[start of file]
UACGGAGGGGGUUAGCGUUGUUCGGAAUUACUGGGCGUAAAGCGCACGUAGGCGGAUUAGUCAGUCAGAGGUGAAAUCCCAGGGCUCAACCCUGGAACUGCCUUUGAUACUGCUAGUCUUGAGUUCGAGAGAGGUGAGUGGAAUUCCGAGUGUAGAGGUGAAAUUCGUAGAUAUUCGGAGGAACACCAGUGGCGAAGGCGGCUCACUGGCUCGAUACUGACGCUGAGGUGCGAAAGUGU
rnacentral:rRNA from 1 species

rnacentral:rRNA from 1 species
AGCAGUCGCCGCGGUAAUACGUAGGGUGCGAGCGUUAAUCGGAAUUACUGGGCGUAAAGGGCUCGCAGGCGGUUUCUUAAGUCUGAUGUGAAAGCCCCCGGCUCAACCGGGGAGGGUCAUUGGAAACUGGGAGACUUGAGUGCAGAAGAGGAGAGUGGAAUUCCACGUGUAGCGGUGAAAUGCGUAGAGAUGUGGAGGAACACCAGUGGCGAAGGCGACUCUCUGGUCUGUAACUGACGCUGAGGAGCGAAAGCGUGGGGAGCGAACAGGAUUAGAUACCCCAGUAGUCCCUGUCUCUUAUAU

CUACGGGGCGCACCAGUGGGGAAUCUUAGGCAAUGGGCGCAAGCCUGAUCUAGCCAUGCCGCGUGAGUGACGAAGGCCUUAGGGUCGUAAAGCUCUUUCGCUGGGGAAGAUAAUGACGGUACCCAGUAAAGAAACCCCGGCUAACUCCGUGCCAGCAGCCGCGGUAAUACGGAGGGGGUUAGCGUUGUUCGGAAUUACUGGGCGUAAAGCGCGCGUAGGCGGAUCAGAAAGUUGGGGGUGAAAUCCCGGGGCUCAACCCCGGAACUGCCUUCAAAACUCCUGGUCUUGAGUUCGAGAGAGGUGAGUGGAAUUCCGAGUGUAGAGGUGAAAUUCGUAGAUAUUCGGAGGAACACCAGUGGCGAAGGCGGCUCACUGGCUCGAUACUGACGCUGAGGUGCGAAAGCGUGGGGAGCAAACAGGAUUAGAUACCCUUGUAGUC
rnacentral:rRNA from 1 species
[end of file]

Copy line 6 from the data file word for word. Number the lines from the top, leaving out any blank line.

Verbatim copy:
rnacentral:rRNA from 1 species